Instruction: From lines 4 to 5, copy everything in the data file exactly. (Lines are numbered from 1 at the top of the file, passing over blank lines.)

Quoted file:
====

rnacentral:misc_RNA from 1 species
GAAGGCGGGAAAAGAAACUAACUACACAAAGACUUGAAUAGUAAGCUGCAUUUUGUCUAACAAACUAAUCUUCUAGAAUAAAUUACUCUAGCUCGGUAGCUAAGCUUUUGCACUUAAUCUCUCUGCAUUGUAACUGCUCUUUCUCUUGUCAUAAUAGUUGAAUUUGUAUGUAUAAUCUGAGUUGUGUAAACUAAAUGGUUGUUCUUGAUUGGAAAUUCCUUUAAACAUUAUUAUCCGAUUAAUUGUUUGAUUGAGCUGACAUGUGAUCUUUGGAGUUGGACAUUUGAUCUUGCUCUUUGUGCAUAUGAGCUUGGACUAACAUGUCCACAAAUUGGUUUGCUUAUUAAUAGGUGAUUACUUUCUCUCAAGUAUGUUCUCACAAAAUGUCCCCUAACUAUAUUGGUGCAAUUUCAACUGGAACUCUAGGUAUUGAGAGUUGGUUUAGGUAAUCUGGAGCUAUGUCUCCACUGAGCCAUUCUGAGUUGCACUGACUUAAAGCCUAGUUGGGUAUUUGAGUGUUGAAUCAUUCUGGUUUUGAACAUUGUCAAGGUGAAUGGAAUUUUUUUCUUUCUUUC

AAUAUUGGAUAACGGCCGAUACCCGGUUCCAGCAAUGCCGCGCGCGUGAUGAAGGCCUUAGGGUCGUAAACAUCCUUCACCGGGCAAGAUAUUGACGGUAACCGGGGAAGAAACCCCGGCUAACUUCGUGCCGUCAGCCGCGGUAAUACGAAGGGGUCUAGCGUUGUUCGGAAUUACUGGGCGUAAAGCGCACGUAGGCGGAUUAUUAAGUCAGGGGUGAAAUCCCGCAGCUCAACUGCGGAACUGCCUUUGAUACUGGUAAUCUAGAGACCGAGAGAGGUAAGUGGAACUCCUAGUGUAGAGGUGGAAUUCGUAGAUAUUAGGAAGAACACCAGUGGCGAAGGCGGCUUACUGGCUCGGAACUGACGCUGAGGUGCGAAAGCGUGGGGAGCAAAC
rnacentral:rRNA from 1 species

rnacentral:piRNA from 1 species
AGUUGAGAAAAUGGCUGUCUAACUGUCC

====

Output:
rnacentral:rRNA from 1 species

rnacentral:piRNA from 1 species